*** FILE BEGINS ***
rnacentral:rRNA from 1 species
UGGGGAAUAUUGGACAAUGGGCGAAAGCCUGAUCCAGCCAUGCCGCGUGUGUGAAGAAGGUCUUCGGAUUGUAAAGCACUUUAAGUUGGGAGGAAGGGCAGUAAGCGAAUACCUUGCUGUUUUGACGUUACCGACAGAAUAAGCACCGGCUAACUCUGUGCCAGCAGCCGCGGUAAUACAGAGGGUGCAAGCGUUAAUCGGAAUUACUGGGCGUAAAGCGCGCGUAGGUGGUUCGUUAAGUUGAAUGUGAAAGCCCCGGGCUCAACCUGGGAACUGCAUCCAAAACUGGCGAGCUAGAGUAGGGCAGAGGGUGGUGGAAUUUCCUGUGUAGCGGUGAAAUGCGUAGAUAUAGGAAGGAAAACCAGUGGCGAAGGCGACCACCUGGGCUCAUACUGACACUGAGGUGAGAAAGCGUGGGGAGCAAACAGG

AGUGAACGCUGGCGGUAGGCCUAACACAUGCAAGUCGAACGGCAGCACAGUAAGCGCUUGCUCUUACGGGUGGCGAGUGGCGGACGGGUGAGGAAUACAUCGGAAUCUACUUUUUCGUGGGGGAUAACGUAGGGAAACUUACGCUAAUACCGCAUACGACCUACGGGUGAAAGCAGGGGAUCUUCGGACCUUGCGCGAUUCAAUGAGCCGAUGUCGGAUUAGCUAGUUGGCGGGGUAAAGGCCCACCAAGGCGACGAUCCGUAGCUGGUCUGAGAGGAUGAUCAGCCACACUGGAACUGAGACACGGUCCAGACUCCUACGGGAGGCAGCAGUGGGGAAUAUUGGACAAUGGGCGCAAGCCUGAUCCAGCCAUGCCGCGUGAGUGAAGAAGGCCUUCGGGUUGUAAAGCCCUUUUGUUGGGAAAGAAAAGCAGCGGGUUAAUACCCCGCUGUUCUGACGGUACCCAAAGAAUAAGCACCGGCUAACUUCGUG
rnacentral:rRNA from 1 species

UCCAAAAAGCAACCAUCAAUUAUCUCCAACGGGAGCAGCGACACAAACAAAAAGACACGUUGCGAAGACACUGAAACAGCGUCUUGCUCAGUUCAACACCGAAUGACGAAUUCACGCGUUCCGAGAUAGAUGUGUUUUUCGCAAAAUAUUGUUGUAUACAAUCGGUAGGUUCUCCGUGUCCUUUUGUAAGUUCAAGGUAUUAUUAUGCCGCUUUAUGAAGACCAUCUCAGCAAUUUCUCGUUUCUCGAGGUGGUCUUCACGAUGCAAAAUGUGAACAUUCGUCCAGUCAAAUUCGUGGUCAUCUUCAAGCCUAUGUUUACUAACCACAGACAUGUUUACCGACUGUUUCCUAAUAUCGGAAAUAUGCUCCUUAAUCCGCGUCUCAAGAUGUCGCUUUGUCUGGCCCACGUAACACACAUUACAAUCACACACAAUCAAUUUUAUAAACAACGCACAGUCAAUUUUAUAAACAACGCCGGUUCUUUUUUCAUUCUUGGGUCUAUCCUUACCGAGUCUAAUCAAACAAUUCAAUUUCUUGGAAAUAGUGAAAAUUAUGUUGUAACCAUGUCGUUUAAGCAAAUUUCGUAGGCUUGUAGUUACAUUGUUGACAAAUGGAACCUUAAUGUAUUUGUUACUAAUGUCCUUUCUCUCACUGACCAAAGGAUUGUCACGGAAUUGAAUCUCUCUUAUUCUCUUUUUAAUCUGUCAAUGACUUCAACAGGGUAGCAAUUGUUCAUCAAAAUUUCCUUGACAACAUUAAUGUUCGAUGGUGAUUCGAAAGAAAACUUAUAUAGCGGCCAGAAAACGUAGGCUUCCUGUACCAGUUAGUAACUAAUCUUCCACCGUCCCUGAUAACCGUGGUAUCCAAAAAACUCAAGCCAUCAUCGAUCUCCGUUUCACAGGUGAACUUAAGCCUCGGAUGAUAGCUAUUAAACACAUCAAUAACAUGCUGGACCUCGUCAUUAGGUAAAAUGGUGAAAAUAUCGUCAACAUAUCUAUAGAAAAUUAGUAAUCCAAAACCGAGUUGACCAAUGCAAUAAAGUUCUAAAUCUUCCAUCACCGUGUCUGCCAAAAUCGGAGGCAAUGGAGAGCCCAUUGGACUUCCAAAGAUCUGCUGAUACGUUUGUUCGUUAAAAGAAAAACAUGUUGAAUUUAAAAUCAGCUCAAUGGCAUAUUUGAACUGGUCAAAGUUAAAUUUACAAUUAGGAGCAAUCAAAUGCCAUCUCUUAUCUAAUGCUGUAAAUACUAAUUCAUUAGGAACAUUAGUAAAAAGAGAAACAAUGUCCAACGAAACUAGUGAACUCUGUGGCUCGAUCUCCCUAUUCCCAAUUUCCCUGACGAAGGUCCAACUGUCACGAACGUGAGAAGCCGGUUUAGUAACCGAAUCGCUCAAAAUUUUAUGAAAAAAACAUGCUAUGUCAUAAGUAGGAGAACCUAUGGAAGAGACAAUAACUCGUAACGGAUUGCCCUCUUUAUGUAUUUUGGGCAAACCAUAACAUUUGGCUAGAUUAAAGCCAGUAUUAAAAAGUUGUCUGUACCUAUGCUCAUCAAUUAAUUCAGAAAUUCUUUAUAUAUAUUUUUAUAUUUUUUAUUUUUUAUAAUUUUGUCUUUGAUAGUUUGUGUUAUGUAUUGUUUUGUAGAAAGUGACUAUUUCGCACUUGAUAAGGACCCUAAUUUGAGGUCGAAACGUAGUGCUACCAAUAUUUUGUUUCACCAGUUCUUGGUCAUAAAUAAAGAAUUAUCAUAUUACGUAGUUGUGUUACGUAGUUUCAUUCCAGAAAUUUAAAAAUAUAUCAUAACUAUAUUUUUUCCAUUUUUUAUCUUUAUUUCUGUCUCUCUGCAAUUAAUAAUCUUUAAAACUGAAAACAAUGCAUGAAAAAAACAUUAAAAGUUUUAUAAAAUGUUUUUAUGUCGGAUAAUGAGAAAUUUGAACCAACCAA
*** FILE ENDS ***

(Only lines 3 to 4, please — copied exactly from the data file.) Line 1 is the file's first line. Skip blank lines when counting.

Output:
AGUGAACGCUGGCGGUAGGCCUAACACAUGCAAGUCGAACGGCAGCACAGUAAGCGCUUGCUCUUACGGGUGGCGAGUGGCGGACGGGUGAGGAAUACAUCGGAAUCUACUUUUUCGUGGGGGAUAACGUAGGGAAACUUACGCUAAUACCGCAUACGACCUACGGGUGAAAGCAGGGGAUCUUCGGACCUUGCGCGAUUCAAUGAGCCGAUGUCGGAUUAGCUAGUUGGCGGGGUAAAGGCCCACCAAGGCGACGAUCCGUAGCUGGUCUGAGAGGAUGAUCAGCCACACUGGAACUGAGACACGGUCCAGACUCCUACGGGAGGCAGCAGUGGGGAAUAUUGGACAAUGGGCGCAAGCCUGAUCCAGCCAUGCCGCGUGAGUGAAGAAGGCCUUCGGGUUGUAAAGCCCUUUUGUUGGGAAAGAAAAGCAGCGGGUUAAUACCCCGCUGUUCUGACGGUACCCAAAGAAUAAGCACCGGCUAACUUCGUG
rnacentral:rRNA from 1 species